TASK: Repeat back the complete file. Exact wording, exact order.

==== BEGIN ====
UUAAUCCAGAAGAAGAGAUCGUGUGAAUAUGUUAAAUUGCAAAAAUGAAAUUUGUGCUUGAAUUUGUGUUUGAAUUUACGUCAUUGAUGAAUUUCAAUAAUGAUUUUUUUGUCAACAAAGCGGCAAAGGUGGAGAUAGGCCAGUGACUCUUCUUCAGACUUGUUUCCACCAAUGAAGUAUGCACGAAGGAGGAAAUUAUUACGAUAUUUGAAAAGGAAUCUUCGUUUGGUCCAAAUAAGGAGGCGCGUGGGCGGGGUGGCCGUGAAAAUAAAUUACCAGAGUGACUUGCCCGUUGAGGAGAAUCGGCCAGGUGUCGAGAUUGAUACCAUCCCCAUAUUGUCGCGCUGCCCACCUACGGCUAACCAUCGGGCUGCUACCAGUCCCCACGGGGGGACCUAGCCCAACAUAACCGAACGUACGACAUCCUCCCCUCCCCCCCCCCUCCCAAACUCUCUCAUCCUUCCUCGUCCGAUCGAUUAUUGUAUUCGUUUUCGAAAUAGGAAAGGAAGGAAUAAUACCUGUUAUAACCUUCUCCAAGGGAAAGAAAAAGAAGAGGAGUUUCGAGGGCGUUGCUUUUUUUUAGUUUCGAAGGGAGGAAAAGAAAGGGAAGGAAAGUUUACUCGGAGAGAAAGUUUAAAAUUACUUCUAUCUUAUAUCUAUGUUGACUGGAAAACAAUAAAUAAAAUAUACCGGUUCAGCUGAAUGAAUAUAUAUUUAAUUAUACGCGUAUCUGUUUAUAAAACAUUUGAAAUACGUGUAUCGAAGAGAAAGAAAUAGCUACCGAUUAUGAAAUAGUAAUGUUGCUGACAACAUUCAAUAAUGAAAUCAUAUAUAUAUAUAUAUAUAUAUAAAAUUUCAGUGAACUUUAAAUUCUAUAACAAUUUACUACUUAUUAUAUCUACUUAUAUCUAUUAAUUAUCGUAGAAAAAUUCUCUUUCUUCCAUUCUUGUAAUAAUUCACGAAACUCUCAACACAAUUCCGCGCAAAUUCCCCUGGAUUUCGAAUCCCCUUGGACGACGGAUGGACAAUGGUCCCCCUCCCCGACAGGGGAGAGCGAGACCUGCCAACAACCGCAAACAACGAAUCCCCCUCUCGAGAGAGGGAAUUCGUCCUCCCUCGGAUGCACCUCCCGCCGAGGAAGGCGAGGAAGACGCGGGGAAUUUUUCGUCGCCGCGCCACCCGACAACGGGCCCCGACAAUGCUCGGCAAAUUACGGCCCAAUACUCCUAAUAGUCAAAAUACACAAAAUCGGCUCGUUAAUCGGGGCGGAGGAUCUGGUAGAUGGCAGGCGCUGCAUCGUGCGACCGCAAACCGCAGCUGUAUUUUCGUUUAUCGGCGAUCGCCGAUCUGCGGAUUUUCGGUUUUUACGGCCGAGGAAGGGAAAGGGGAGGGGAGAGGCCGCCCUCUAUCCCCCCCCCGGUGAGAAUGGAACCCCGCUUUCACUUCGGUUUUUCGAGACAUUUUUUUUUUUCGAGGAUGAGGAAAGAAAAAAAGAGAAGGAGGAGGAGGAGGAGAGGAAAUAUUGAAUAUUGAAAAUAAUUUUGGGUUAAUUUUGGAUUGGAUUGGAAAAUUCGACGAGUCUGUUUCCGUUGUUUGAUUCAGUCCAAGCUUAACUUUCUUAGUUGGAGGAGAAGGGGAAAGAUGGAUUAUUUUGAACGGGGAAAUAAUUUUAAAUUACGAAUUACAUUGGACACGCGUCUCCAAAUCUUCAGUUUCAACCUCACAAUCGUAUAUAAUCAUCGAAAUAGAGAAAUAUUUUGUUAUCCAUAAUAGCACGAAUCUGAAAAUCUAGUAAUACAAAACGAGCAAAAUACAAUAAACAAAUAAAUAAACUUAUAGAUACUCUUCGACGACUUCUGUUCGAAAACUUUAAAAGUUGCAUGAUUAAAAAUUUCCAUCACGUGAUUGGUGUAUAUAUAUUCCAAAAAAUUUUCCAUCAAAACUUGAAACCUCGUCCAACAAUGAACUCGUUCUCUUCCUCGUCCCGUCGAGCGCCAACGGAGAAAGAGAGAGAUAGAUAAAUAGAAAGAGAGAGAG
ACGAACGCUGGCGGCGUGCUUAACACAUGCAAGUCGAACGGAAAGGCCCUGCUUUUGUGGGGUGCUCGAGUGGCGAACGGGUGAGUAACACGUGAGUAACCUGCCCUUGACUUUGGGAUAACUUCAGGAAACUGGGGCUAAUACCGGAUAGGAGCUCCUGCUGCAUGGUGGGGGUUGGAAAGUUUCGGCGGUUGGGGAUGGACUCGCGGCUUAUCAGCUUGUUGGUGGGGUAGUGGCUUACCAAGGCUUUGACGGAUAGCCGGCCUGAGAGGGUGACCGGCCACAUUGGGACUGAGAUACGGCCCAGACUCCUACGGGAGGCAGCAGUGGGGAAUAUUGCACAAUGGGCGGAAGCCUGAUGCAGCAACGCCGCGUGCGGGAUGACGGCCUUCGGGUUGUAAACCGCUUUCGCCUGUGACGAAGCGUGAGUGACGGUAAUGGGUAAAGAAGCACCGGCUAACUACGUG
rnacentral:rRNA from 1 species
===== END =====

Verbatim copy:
UUAAUCCAGAAGAAGAGAUCGUGUGAAUAUGUUAAAUUGCAAAAAUGAAAUUUGUGCUUGAAUUUGUGUUUGAAUUUACGUCAUUGAUGAAUUUCAAUAAUGAUUUUUUUGUCAACAAAGCGGCAAAGGUGGAGAUAGGCCAGUGACUCUUCUUCAGACUUGUUUCCACCAAUGAAGUAUGCACGAAGGAGGAAAUUAUUACGAUAUUUGAAAAGGAAUCUUCGUUUGGUCCAAAUAAGGAGGCGCGUGGGCGGGGUGGCCGUGAAAAUAAAUUACCAGAGUGACUUGCCCGUUGAGGAGAAUCGGCCAGGUGUCGAGAUUGAUACCAUCCCCAUAUUGUCGCGCUGCCCACCUACGGCUAACCAUCGGGCUGCUACCAGUCCCCACGGGGGGACCUAGCCCAACAUAACCGAACGUACGACAUCCUCCCCUCCCCCCCCCCUCCCAAACUCUCUCAUCCUUCCUCGUCCGAUCGAUUAUUGUAUUCGUUUUCGAAAUAGGAAAGGAAGGAAUAAUACCUGUUAUAACCUUCUCCAAGGGAAAGAAAAAGAAGAGGAGUUUCGAGGGCGUUGCUUUUUUUUAGUUUCGAAGGGAGGAAAAGAAAGGGAAGGAAAGUUUACUCGGAGAGAAAGUUUAAAAUUACUUCUAUCUUAUAUCUAUGUUGACUGGAAAACAAUAAAUAAAAUAUACCGGUUCAGCUGAAUGAAUAUAUAUUUAAUUAUACGCGUAUCUGUUUAUAAAACAUUUGAAAUACGUGUAUCGAAGAGAAAGAAAUAGCUACCGAUUAUGAAAUAGUAAUGUUGCUGACAACAUUCAAUAAUGAAAUCAUAUAUAUAUAUAUAUAUAUAUAAAAUUUCAGUGAACUUUAAAUUCUAUAACAAUUUACUACUUAUUAUAUCUACUUAUAUCUAUUAAUUAUCGUAGAAAAAUUCUCUUUCUUCCAUUCUUGUAAUAAUUCACGAAACUCUCAACACAAUUCCGCGCAAAUUCCCCUGGAUUUCGAAUCCCCUUGGACGACGGAUGGACAAUGGUCCCCCUCCCCGACAGGGGAGAGCGAGACCUGCCAACAACCGCAAACAACGAAUCCCCCUCUCGAGAGAGGGAAUUCGUCCUCCCUCGGAUGCACCUCCCGCCGAGGAAGGCGAGGAAGACGCGGGGAAUUUUUCGUCGCCGCGCCACCCGACAACGGGCCCCGACAAUGCUCGGCAAAUUACGGCCCAAUACUCCUAAUAGUCAAAAUACACAAAAUCGGCUCGUUAAUCGGGGCGGAGGAUCUGGUAGAUGGCAGGCGCUGCAUCGUGCGACCGCAAACCGCAGCUGUAUUUUCGUUUAUCGGCGAUCGCCGAUCUGCGGAUUUUCGGUUUUUACGGCCGAGGAAGGGAAAGGGGAGGGGAGAGGCCGCCCUCUAUCCCCCCCCCGGUGAGAAUGGAACCCCGCUUUCACUUCGGUUUUUCGAGACAUUUUUUUUUUUCGAGGAUGAGGAAAGAAAAAAAGAGAAGGAGGAGGAGGAGGAGAGGAAAUAUUGAAUAUUGAAAAUAAUUUUGGGUUAAUUUUGGAUUGGAUUGGAAAAUUCGACGAGUCUGUUUCCGUUGUUUGAUUCAGUCCAAGCUUAACUUUCUUAGUUGGAGGAGAAGGGGAAAGAUGGAUUAUUUUGAACGGGGAAAUAAUUUUAAAUUACGAAUUACAUUGGACACGCGUCUCCAAAUCUUCAGUUUCAACCUCACAAUCGUAUAUAAUCAUCGAAAUAGAGAAAUAUUUUGUUAUCCAUAAUAGCACGAAUCUGAAAAUCUAGUAAUACAAAACGAGCAAAAUACAAUAAACAAAUAAAUAAACUUAUAGAUACUCUUCGACGACUUCUGUUCGAAAACUUUAAAAGUUGCAUGAUUAAAAAUUUCCAUCACGUGAUUGGUGUAUAUAUAUUCCAAAAAAUUUUCCAUCAAAACUUGAAACCUCGUCCAACAAUGAACUCGUUCUCUUCCUCGUCCCGUCGAGCGCCAACGGAGAAAGAGAGAGAUAGAUAAAUAGAAAGAGAGAGAG
ACGAACGCUGGCGGCGUGCUUAACACAUGCAAGUCGAACGGAAAGGCCCUGCUUUUGUGGGGUGCUCGAGUGGCGAACGGGUGAGUAACACGUGAGUAACCUGCCCUUGACUUUGGGAUAACUUCAGGAAACUGGGGCUAAUACCGGAUAGGAGCUCCUGCUGCAUGGUGGGGGUUGGAAAGUUUCGGCGGUUGGGGAUGGACUCGCGGCUUAUCAGCUUGUUGGUGGGGUAGUGGCUUACCAAGGCUUUGACGGAUAGCCGGCCUGAGAGGGUGACCGGCCACAUUGGGACUGAGAUACGGCCCAGACUCCUACGGGAGGCAGCAGUGGGGAAUAUUGCACAAUGGGCGGAAGCCUGAUGCAGCAACGCCGCGUGCGGGAUGACGGCCUUCGGGUUGUAAACCGCUUUCGCCUGUGACGAAGCGUGAGUGACGGUAAUGGGUAAAGAAGCACCGGCUAACUACGUG
rnacentral:rRNA from 1 species